The Tarot's Misfortune

  • Beautiful Hidden Object scenes
  • Perplexing puzzles
  • A fortune-telling adventure!
Min System request
  • OS : Windows XP/Vista/7/8
  • CPU : 1.0 GHz
  • Memory : 128
  • DiretX : 9.0
  • Hard driver (MB) : 193

Review for game: The Tarot's Misfortune

Rosalie the fortune-teller has been put to sleep and tossed into a dangerous prison by a mysterious drifter in town! Search through the town to recover her stolen tarot card deck, while uncovering clues to help rescue the residents of Luzio. Follow the spirits of the tarot cards and use your Hidden Object skills to find slight differences in the tarot cards and uncover the mysteries of The Tarot’s Misfortune!


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Review at a glimpse
Genre : Puzzle

Find your A-HA! moment with mind-bending puzzles and jigsaw games.

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5165 points

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The Tarot's Misfortune
5 out of 5 based on 65 user ratings
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USD 6.99 0 from 1 sellers In stock
Ages: 3 YEARS & UP

Game Description:

An evil magician has put the village of Luzio under his spell! Rosalie must follow her Tarot cards and rescue the villagers.

AFERON - BigFishGames
The Tarot's Misfortune game play The Tarot's Misfortune game play

Glad I Purchased This On Sale

There are 2 good things about this game -- the hint recharges very quickly (you're going to need it) and there are no penalties for mis-clicks (you're going to need those too). The objects are not very detailed and often are obscured by other objects or are very tiny. I used the hint button much more than I prefer. Why am I playing the game when I need the hint button so much? There are too many scenes that are foggy, making the objects even more difficult to pick out. When a scene is complete, you are told it is complete. But as the other reviewer stated, you are not given instructions or even a hint as to what to do next -- so more clicking to find your way, or, as I had to do a few times, go to the walkthrough. I never really got into the story line. It is not very interesting. You just go from scene to scene with no real purpose to look for hidden objects. There are several spot the difference puzzles -- find 5 differences between 2 pictures, but few other mini games. I cannot really recommend this game, however, you can try the demo. Maybe you will have a different and better impression of it than I have.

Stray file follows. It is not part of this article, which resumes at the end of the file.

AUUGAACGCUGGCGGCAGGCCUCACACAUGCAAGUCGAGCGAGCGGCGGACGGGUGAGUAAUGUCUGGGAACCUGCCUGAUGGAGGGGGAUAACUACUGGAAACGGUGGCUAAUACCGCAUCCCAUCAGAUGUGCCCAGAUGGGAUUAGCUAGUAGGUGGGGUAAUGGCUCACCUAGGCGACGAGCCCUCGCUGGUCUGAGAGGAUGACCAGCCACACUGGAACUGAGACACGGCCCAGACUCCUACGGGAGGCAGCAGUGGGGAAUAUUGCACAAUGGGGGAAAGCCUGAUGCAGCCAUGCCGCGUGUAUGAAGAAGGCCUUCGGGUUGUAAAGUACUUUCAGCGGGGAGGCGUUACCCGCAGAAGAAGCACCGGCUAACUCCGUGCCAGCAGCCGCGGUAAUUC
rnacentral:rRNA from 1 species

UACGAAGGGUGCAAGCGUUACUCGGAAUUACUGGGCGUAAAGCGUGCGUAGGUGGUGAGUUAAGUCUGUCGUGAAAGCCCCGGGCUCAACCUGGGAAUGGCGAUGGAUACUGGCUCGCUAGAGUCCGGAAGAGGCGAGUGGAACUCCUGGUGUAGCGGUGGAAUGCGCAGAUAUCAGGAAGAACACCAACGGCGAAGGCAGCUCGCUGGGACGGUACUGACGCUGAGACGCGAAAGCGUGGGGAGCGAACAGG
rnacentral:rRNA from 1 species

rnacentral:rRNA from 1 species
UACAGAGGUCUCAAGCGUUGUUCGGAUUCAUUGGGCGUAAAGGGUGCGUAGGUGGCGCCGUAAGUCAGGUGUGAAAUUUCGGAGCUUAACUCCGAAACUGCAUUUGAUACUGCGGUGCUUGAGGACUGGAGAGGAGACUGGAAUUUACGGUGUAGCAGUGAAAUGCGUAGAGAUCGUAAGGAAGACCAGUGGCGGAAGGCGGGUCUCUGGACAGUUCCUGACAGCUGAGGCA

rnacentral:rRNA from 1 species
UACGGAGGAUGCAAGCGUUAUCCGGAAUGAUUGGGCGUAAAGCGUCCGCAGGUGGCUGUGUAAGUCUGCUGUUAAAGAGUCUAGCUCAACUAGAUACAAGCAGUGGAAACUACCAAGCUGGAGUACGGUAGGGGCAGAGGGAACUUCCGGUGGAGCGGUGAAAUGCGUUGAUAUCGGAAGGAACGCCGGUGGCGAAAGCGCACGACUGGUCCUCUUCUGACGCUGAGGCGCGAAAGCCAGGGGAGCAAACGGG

More than the sum of its parts

The Tarot's Misfortune is one of very few of my older HOG's (hidden object games) that I've played more than once. In fact, I've replayed it several times. It's a game that somehow adds up to more than the sum of it's parts -- at least for me. The overall atmosphere is what puts playing the game a step above most older HOG's. The plot is relatively simple -- An evil guy has placed a spell on the town. You play the fortune teller, Rosalie, the only person in town unaffected by the spell, and it is up to you to break the spell and free the townsfolk. On the surface, it's a simple HOG with a few fairly easy spot-the-difference puzzles. Occasionally you use the objects you find in the game environments, so the game could be considered an IHOG instead of a straight HOG. The music is different for different "chapters" of the game, and some of it is excellent. There are 3 musical themes that cycle with the chapters, as well as the one that plays at the game menu. The environments are brightly colored, with subtle animations. Despite the game taking place at night, I had no trouble seeing. Usually I don't care much for HOG's without puzzles, but this game is an exception. If you like the look of the graphics, it's worth playing through the demo to see if it "grabs" you.

Very basic IHOG

Review upon finishing the game. As far as I remember this was one of the first IHOGs, when you first collected some things out of a HO scene that you had to use elsewhere - so this is as basic as a IHOG can get. In this case, stars tell you where you have to place your objects, and once you click the item either snaps into the correct place or a silhouette tells it for you. The Good: + graphics adequate + storyline not run-of-the-mill + areas no longer relevant to the storyline are locked (although sometimes it's still not clear where to go next) + useful globe indicator on the left and right sides for placement of hidden objects The Neutral: o mini games only consist of finding 5 differences on tarot cards (the rest are more or less auto-solved) o game not overly difficult The Bad: - storyline moves too fast (missed some of it) - what did the bad guy even want? - lame final showdown minigame - some items hard to find in a little foggy areas Bottom Line: Game mechanics moved on a lot since this game was published, so I can only recommend it for a sale.

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